CHALLENGES OF RELOCATING LARGE WATER MAINS FOR RAIL SYSTEM EXPANSION
March 14, 2016
By Robert Card
On Feb. 7, the city of Santa Clara celebrated a major milestone when it hosted Super Bowl 50 at the state-of the-art Levi’s stadium, home of the San Francisco 49ers. Next year, the city will celebrate another milestone with the completion of the 10-mile Berryessa Extension, the first phase of Bay Area Rapid Transit’s commuter rail extension south to San Jose, thanks to Santa Clara Valley Transportation Authority’s (VTA) vision.
As part of the Berryessa Extension, several new stations were proposed. Two of the new stations impacted large diameter water pipelines owned by the Santa Clara Valley Water District (SCVWD). The existing lines had to be relocated away from the new stations.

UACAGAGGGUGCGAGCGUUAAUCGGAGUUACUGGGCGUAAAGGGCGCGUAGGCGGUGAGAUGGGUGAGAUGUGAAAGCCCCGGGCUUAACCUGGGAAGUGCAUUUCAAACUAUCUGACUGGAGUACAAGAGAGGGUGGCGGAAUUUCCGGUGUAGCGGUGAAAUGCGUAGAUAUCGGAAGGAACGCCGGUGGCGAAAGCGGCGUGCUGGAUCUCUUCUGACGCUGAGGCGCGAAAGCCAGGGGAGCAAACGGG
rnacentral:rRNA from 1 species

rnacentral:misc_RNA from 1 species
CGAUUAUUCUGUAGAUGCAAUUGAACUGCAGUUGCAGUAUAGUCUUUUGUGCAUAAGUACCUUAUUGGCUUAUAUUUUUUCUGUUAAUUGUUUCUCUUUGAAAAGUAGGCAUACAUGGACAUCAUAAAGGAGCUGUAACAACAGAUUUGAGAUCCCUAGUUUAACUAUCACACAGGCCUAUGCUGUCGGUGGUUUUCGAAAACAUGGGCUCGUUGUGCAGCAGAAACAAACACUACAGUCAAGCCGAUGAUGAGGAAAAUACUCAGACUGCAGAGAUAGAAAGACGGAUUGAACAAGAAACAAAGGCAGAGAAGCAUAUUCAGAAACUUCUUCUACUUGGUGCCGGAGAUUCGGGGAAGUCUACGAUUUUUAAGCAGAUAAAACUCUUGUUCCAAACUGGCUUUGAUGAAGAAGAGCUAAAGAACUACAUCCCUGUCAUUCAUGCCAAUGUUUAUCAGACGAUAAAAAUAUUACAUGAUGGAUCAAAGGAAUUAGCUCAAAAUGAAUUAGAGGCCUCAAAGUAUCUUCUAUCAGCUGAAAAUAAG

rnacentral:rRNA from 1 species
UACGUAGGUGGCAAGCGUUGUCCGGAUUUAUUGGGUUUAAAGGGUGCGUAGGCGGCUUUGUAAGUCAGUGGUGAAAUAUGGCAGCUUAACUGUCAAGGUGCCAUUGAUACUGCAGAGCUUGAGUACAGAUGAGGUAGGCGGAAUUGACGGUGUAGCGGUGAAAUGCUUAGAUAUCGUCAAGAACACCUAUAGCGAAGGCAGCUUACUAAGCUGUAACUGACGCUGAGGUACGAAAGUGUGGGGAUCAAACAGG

The technical design aspects of installing new pipe and fittings into an existing 66-inch concrete pressure pipe raw water main and into an existing 42-inch steel pipe treated water main are quite challenging in order to properly relocate both lines. One key consideration in this modification to the existing lines is the thrust forces generated from the realignment. The thrust restraint of the old 66-inch line posed a number of challenges since the original pipe in this area did not have longitudinal thrust forces. Additionally, the owner, the Santa Clara Valley Water District, had its own specialized thrust restraint procedure that was based on a 1960s paper.